The current uncertainty in Colombia makes our work timelier than ever. Colombia’s new president, inaugurated in August 2018, seeks to modify the Peace Agreement to punish former rebels, at a time when the UN denounce a lack of progress in the peace deal’s implementation. ELN rebels and other violent groups fill power voids left by FARC, whose ex-members are partly re-uniting. Communities are threatened and social leaders killed in their hundreds, while lack of state protection and governance risks increased insecurity from renewed grievances and organised crime.

The aim of this project is to address the consequences of changing security landscapes in transitions from war to peace for security architectures in Colombia, with a special focus on the role of the marginalised communities in this security architectures. 

gcrf full colour 375 x

Non-state Order, Trust, and Institutions in Marginalised Spaces

Research has shown that, contrary to intuition, civil war zones often appear fairly orderly. Rebels establish governance systems. The peace process with the FARC in Colombia offers the opportunity to inquire how the changing security landscape affects trust relations in conflict zones. This inquiry builds on an original and innovative conceptualization of the relations between combatants and civilians in civil war, which borrows from sociological theories of trust and confidence. The Fritz-Thyssen-Stiftung project has the ambition to make an original contribution to the scholarship on civil war, the transition from conflict to peace, and governance structures amongst rebels. This project also aims to provide applicable lessons for decision-makers for how to re-integrate marginalised regions (affected by violence) into the democratic order of the Colombian Constitution based on the CONPEACE unique and exclusive data set of interviews from multiple years (prior, during, and after the peace agreement) conducted in Colombia’s conflict area.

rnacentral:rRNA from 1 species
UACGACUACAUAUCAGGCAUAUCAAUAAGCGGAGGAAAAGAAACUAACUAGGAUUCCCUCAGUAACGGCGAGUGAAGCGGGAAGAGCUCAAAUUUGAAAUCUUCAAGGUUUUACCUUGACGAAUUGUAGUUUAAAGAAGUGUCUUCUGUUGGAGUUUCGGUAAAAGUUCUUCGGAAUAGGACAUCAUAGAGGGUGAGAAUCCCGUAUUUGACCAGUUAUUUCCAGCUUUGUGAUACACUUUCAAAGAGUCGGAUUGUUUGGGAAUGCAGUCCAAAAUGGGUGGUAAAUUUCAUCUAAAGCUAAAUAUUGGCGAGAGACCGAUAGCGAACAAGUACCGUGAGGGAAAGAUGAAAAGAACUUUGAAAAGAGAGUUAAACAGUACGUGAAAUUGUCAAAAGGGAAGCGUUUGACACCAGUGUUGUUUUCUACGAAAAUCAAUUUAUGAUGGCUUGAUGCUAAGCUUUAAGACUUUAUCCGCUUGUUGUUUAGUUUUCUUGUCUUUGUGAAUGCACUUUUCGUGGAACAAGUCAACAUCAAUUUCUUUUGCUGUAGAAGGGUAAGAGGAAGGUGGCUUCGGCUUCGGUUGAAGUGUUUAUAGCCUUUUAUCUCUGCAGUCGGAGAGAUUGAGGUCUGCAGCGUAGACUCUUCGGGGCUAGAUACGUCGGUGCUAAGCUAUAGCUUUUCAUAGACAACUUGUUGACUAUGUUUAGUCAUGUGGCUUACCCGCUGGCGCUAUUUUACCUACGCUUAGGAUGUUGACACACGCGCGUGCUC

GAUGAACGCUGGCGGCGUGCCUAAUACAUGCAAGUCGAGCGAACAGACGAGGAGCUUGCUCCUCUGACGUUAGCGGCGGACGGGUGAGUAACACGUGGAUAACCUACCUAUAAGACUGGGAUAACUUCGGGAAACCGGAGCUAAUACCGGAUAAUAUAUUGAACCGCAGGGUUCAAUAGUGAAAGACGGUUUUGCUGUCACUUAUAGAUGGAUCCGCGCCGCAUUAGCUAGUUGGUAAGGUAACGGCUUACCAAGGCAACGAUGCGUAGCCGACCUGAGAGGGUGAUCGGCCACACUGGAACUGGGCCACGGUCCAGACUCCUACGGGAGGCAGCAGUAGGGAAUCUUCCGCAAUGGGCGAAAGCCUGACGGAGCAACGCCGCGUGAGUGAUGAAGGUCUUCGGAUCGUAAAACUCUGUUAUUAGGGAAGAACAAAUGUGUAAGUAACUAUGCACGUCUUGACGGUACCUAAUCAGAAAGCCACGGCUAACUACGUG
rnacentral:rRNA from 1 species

Ox-Ber: Justice, Peace, and Politics in the Creation of a Lasting Peace in Colombia’s Marginalised Regions

CONPEACE, together with Prof. Sergio Costa of the Freie Universität in Berlin, successfully applied for a seed grant of the Oxford Berlin Research Partnership (Ox-Ber), which provides the opportunity to connect the research capacities of Oxford University’s CONPEACE Programme with the CAPAZ Institute at the Latin America Institute (LAI) at Freie Universität and bundle capacities to deepen the analyses of the Colombian peace process with the FARC. We will first hold a collaborative workshop at the University of Oxford, which serves to facilitate the founding of a long-term research project that, in general terms, explores the transformation of Colombia in the course of the peace process with the FARC, and, specifically, focuses on the ramifications of the transitional justice process on (violent and political) actors in Colombia. We strive to embed our findings in a comparative framework, suitable for generalizations and hypothesis generating.